This article reports on results of a study that examined planter costs for alternative planter sizes. Costs included both timeliness and power costs. For planted acres ranging from 400 to 4,000 acres, the planter with the least costs range from an 8-row planter up to a 36-row planter.

The above results depend on the assumptions used in calculating costs. Of particular importance is the acres planted per day. Planting more hours per day could result in a smaller planter size having lower costs. A feel for the impacts of assumptions can be obtained using the Machinery Economics spreadsheet (click here) . This is a Microsoft Excel spreadsheet that can be downloaded from the FAST section of farmdoc.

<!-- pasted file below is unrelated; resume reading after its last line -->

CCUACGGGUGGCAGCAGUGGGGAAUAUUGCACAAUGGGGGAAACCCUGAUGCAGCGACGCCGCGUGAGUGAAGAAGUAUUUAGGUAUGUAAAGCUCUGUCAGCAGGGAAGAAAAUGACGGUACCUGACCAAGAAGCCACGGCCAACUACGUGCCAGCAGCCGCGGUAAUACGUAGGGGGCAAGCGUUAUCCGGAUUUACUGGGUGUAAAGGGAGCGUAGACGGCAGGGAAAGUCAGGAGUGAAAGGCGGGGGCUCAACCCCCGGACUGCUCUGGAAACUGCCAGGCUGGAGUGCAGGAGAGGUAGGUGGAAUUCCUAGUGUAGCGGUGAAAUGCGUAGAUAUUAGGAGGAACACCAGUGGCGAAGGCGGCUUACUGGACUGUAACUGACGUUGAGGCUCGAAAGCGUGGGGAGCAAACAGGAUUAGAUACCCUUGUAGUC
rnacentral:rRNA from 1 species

Issued by: Gary Schnitkey, Department of Agricultural and Consumer Economics, University of Illinois at Urbana-Champaign.


Department of Agricultural and Consumer Economics    College of Agricultural, Consumer and Environmental Sciences